25 November 2019
By Pete Bryant
Want to know the next month’s weather for London or Belfast? You might be better off taking a look at Malaysia.
Scientists at the University of Reading and the European Centre for Medium-Range Weather Forecasts (ECMWF) have uncovered a new link between conditions in the tropics and the weather in Europe, allowing scientists to improve the accuracy of early UK winter forecasts.
The scientists found that combining observations of El Niño – a periodic warming of waters in the Pacific – with other natural weather cycles around the equator gives more accurate indications of the type of weather Europe will experience, up to a month in advance.
Weather patterns in the tropics have been used to predict those in Europe for several years, but the new study shows for the first time how warmer or cooler phases in the East Pacific strengthen or weaken the connection between the two regions.
Improved advanced weather forecasts would help UK and European authorities get ready for upcoming weather, helping to keep roads open in icy conditions, or prepare for floods or drought, for example. There would also be benefits for businesses like energy companies and farmers in planning crop production.
Robert Lee, NCAS research scientist at the University of Reading, said: “It was once said that the flap of a butterfly’s wings in Brazil could set off a tornado in Texas, and our study provides new evidence of the remarkable interconnectedness of the world’s weather.
“In this case, the periodic variation between warm and cold phases halfway around the world in the East Pacific influences the weather we have here in the UK and Europe. Our research has found that El Niño or La Niña conditions in the Pacific impact waves of cloud and rain that sweep around the equator, which themselves dictate future European weather.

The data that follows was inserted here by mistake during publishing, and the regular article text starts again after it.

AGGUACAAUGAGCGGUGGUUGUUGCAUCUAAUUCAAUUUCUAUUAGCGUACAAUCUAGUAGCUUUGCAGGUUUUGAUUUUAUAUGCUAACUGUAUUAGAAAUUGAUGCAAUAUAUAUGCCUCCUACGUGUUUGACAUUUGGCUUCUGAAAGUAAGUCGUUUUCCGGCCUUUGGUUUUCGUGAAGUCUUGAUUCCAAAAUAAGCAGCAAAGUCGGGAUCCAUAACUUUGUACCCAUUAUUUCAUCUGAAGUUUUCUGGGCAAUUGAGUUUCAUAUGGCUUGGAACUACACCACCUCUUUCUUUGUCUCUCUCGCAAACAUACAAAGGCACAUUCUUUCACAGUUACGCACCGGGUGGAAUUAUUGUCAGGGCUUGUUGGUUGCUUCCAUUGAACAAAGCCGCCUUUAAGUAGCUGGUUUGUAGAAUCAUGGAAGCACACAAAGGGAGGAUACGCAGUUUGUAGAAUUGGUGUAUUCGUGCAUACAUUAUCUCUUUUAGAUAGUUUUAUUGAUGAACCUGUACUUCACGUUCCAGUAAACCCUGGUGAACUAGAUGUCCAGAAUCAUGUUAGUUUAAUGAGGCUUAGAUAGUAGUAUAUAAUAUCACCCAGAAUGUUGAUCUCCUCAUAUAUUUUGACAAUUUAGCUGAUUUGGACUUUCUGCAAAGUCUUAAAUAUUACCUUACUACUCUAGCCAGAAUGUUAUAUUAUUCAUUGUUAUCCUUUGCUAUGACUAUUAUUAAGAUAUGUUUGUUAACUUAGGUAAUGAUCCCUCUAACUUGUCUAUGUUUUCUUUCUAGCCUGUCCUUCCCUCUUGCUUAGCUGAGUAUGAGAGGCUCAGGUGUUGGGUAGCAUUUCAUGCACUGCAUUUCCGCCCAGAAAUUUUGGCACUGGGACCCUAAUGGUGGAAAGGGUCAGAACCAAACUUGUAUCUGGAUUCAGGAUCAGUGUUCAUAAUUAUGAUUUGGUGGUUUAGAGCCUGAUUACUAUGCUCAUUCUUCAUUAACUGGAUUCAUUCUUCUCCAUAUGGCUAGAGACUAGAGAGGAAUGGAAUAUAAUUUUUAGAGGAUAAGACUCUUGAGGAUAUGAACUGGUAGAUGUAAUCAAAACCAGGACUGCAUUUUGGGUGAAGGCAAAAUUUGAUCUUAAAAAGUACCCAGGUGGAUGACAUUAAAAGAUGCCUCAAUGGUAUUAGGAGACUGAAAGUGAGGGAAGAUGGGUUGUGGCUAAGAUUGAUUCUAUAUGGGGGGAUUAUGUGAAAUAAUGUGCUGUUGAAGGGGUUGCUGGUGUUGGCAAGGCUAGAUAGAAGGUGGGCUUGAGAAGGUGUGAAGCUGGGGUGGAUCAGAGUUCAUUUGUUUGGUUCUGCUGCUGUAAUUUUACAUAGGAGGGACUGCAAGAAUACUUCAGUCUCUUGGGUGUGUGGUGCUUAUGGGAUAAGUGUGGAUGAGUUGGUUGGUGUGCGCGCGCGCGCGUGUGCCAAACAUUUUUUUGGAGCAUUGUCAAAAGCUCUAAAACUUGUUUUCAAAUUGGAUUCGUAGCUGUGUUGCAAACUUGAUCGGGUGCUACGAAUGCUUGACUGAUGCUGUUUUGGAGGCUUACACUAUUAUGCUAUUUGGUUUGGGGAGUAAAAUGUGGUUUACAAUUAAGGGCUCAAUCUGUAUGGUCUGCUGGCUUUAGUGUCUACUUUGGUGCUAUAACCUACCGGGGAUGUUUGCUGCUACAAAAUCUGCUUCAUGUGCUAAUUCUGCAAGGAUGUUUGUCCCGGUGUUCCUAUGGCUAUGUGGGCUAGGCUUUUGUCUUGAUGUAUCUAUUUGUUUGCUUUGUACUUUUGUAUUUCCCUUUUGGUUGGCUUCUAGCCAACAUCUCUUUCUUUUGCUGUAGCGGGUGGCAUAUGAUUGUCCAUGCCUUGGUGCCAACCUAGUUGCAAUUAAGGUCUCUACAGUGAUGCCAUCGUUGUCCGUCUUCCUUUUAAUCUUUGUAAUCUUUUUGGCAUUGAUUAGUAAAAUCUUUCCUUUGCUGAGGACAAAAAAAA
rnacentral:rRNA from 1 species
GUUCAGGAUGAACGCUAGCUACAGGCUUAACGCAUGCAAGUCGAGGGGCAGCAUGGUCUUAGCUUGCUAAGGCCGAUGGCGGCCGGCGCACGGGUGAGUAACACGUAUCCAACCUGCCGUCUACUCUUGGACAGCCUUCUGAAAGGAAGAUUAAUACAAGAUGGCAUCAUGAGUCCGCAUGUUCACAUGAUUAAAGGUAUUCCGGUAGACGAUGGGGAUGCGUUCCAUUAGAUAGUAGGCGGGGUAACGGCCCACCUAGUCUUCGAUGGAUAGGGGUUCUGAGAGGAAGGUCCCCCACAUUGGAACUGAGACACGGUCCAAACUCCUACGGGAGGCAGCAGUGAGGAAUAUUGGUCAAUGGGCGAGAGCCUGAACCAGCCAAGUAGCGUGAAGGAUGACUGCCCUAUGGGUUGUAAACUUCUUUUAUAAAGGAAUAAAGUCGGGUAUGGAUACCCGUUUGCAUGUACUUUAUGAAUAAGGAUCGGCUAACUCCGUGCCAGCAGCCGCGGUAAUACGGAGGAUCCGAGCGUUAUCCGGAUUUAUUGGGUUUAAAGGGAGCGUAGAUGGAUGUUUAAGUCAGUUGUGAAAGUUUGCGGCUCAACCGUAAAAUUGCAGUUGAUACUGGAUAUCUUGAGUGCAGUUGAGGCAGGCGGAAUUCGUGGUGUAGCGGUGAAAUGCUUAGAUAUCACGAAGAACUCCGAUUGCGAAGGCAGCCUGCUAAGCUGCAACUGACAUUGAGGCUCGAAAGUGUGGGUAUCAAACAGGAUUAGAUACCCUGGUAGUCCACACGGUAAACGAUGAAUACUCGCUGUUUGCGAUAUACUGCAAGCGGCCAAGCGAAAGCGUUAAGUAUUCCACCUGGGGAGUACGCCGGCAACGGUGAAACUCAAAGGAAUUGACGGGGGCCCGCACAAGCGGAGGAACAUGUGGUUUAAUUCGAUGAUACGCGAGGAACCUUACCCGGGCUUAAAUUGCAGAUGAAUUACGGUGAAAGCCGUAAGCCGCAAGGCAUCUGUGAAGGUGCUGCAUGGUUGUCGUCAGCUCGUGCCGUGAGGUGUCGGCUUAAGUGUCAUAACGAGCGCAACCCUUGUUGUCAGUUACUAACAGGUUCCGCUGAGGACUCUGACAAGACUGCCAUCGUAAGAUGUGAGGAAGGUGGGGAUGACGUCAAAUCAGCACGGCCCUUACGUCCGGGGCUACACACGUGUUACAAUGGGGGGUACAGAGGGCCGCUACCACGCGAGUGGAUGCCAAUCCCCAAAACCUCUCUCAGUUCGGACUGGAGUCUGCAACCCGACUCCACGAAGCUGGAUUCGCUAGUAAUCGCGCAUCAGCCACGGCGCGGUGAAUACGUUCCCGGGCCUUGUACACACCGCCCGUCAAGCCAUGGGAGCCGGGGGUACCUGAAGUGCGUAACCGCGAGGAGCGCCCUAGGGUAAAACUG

“This chain reaction that starts thousands of miles away determines the pathway Europe’s weather takes from the tropical regions. This means we can look towards Malaysia and the East Pacific for clues as to what weather we will see in Europe weeks later.”
The East Pacific regularly experiences unusually warm (El Niño) or cool (La Niña) ocean temperatures that last for several months and affect seasonal weather in Europe. The tropics also experience fluctuating spells of rainfall – known as the Madden–Julian Oscillation, or MJO – that move eastward for a number of weeks, influencing Europe’s weather on a week-to-week basis.
The energy from tropical weather is carried by atmospheric waves via the jet stream to other regions of the world, like Europe, causing spells of weather such as mild and wet or cold and dry periods.
Scientists in the new study, published today in the AGU journal Geophysical Research Letters, studied historical weather and climate records to see how El Niño and La Niña states during the winter in the East Pacific affected the relationship between the tropics and subsequent European weather patterns. Forecasting methods based on this relationship had not previously factored in the influence of the Pacific.
They found certain spells of weather influenced by tropical conditions were more than twice as likely to occur in Europe depending on whether they occurred during an El Niño or La Niña winter.
The weather conditions in the tropics offer a forecast of Europe’s weather 10-20 days in advance via this method. The conditions in the tropics can themselves be forecast 10 days ahead using a supercomputer, meaning the two combined provide up to a 30-day advance warning of Europe’s weather outlook.
Pete Bryant writes for the University of Reading. This post was originally published on the University of Reading website.